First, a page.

“Most of the important things in the world have been accomplished by people who have kept on trying when there seemed to be no hope at all.” ~Dale Carnegie
Perhaps my favorite way of learning about anything is reading the knowledge produced by my predecessors about the subject in question. Yesterday I worked diligently to lean toward hope even as despair pulled at my heels. Every victory toward hope, no matter how small or frequent the effort to find it again, changes life for us all. Martin Luther King relied on hope to share his dream that still changes the world when he said: “If you lose hope, somehow you lose the vitality that keeps life moving, you lose that courage to be, that quality that helps you go on in spite of it all. And so today I still have a dream.”
Coming to hope is one of the most profound daily choices we make. Don Quixote’s mad journey ended with this conclusion.“Sanity may be madness but the maddest of all is to see life as it is and not as it should be.” We build trust in ourselves and our relationships by giving life the benefit of the doubt. Maintaining trust in the goodness of life and humanity is a matter of survival as Elie Wiesel shares when he said: “Just as despair can come to one another only from other human beings, hope, too, can be given to one only by other human beings.”
Indeed, the most important figures in history have been people of hope. Whether you look at the great religious teachers like Jesus, Buddha, Moses, Mohammed, Ghandi, Mother Teresa or even great political leaders like Lincoln, King, or Kennedy, the one thing they all shared was their belief in the goodness of humanity and their ability to inspire it around them. Howard Zinn, who just recently passed away and who was one of the most respected historians of the people said, “To be hopeful in bad times is not just foolishly romantic. It is based on the fact that human history is a history not only of cruelty, but also of compassion, sacrifice, courage, kindness. What we choose to emphasize in this complex history will determine our lives. If we see only the worst, it destroys our capacity to do something. If we remember those times and places — and there are so many — where people have behaved magnificently, this gives us the energy to act, and at least the possibility of sending this spinning top of a world in a different direction.”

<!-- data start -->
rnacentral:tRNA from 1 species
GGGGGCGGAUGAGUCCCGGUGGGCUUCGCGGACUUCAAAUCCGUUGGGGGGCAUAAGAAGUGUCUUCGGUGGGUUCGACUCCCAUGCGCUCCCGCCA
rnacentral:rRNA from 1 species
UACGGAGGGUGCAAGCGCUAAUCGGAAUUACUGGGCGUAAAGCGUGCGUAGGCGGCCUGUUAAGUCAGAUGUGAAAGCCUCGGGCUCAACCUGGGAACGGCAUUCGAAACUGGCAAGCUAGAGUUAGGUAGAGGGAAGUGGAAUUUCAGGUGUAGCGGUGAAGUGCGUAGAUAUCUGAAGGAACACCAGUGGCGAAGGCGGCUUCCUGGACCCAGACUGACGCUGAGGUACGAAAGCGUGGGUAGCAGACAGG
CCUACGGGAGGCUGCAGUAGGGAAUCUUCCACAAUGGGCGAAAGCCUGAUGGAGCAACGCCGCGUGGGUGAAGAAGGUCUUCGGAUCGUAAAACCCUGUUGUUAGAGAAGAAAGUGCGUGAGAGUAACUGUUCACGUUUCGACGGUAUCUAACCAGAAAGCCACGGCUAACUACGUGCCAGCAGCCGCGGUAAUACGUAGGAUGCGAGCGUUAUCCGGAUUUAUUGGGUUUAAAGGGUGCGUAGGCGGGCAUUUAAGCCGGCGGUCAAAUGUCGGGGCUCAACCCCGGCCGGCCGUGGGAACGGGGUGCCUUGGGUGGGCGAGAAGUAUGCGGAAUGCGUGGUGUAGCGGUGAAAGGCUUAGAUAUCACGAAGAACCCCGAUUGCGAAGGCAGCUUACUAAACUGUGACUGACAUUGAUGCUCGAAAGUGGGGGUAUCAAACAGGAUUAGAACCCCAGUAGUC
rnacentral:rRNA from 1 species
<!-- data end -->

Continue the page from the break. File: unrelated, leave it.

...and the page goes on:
The more you choose hope, the easier it gets, because life is made meaningful out of our connections, which with all our imperfections springs from hope. Robert Fulghum, said, ” I believe that imagination is stronger than knowledge — myth is more potent than history — dreams are more powerful than facts — hope always triumphs over experience — laughter is the cure for grief — love is stronger than death.” A positivity chant if ever I heard one.